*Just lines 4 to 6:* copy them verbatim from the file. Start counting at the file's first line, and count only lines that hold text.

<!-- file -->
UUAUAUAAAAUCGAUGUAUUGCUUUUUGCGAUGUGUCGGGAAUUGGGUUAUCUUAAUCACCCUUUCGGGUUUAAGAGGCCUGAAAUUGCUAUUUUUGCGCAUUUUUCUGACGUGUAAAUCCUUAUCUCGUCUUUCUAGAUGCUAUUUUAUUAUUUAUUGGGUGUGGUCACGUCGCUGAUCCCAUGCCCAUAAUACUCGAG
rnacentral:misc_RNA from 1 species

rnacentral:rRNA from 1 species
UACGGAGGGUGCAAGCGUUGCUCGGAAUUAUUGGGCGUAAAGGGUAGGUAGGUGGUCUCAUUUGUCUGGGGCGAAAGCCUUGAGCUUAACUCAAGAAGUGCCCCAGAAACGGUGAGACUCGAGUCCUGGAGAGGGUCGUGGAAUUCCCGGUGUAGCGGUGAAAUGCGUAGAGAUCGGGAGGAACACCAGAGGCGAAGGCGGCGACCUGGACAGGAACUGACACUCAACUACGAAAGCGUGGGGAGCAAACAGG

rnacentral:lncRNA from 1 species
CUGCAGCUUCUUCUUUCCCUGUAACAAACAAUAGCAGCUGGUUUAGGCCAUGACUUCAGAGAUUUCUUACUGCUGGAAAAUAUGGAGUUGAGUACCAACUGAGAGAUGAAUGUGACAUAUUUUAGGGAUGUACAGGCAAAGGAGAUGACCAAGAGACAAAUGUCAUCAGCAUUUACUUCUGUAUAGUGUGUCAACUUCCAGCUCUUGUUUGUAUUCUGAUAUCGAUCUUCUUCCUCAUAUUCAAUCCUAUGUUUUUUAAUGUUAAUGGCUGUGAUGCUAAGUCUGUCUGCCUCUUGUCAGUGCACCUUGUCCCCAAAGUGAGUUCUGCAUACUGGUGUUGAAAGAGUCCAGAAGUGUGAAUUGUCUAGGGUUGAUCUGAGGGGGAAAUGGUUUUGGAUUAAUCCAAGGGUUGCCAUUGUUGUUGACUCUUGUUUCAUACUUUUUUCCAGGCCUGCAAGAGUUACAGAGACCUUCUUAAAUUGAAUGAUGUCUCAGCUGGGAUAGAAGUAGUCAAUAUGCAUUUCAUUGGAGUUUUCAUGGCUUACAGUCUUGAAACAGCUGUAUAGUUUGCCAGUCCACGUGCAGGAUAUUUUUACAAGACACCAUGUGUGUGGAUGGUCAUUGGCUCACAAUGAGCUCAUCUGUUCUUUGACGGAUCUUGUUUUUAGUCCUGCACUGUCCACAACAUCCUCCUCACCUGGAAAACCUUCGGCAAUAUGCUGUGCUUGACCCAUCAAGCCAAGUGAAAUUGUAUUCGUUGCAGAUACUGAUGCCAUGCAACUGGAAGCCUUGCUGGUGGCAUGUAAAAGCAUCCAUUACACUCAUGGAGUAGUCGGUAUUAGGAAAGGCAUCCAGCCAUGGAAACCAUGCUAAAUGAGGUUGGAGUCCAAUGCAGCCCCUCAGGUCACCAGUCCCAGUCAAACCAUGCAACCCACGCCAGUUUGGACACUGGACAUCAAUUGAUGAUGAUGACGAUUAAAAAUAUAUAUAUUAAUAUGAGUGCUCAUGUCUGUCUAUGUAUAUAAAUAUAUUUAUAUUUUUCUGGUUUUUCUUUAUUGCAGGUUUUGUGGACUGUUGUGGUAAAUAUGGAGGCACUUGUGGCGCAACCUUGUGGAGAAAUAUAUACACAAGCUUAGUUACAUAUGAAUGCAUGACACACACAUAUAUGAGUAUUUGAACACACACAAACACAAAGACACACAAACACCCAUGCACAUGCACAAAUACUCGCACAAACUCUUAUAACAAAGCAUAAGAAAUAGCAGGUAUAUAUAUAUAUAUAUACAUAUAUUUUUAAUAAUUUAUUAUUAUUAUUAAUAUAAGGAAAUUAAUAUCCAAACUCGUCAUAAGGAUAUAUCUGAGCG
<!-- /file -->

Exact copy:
UACGGAGGGUGCAAGCGUUGCUCGGAAUUAUUGGGCGUAAAGGGUAGGUAGGUGGUCUCAUUUGUCUGGGGCGAAAGCCUUGAGCUUAACUCAAGAAGUGCCCCAGAAACGGUGAGACUCGAGUCCUGGAGAGGGUCGUGGAAUUCCCGGUGUAGCGGUGAAAUGCGUAGAGAUCGGGAGGAACACCAGAGGCGAAGGCGGCGACCUGGACAGGAACUGACACUCAACUACGAAAGCGUGGGGAGCAAACAGG

rnacentral:lncRNA from 1 species
CUGCAGCUUCUUCUUUCCCUGUAACAAACAAUAGCAGCUGGUUUAGGCCAUGACUUCAGAGAUUUCUUACUGCUGGAAAAUAUGGAGUUGAGUACCAACUGAGAGAUGAAUGUGACAUAUUUUAGGGAUGUACAGGCAAAGGAGAUGACCAAGAGACAAAUGUCAUCAGCAUUUACUUCUGUAUAGUGUGUCAACUUCCAGCUCUUGUUUGUAUUCUGAUAUCGAUCUUCUUCCUCAUAUUCAAUCCUAUGUUUUUUAAUGUUAAUGGCUGUGAUGCUAAGUCUGUCUGCCUCUUGUCAGUGCACCUUGUCCCCAAAGUGAGUUCUGCAUACUGGUGUUGAAAGAGUCCAGAAGUGUGAAUUGUCUAGGGUUGAUCUGAGGGGGAAAUGGUUUUGGAUUAAUCCAAGGGUUGCCAUUGUUGUUGACUCUUGUUUCAUACUUUUUUCCAGGCCUGCAAGAGUUACAGAGACCUUCUUAAAUUGAAUGAUGUCUCAGCUGGGAUAGAAGUAGUCAAUAUGCAUUUCAUUGGAGUUUUCAUGGCUUACAGUCUUGAAACAGCUGUAUAGUUUGCCAGUCCACGUGCAGGAUAUUUUUACAAGACACCAUGUGUGUGGAUGGUCAUUGGCUCACAAUGAGCUCAUCUGUUCUUUGACGGAUCUUGUUUUUAGUCCUGCACUGUCCACAACAUCCUCCUCACCUGGAAAACCUUCGGCAAUAUGCUGUGCUUGACCCAUCAAGCCAAGUGAAAUUGUAUUCGUUGCAGAUACUGAUGCCAUGCAACUGGAAGCCUUGCUGGUGGCAUGUAAAAGCAUCCAUUACACUCAUGGAGUAGUCGGUAUUAGGAAAGGCAUCCAGCCAUGGAAACCAUGCUAAAUGAGGUUGGAGUCCAAUGCAGCCCCUCAGGUCACCAGUCCCAGUCAAACCAUGCAACCCACGCCAGUUUGGACACUGGACAUCAAUUGAUGAUGAUGACGAUUAAAAAUAUAUAUAUUAAUAUGAGUGCUCAUGUCUGUCUAUGUAUAUAAAUAUAUUUAUAUUUUUCUGGUUUUUCUUUAUUGCAGGUUUUGUGGACUGUUGUGGUAAAUAUGGAGGCACUUGUGGCGCAACCUUGUGGAGAAAUAUAUACACAAGCUUAGUUACAUAUGAAUGCAUGACACACACAUAUAUGAGUAUUUGAACACACACAAACACAAAGACACACAAACACCCAUGCACAUGCACAAAUACUCGCACAAACUCUUAUAACAAAGCAUAAGAAAUAGCAGGUAUAUAUAUAUAUAUAUACAUAUAUUUUUAAUAAUUUAUUAUUAUUAUUAAUAUAAGGAAAUUAAUAUCCAAACUCGUCAUAAGGAUAUAUCUGAGCG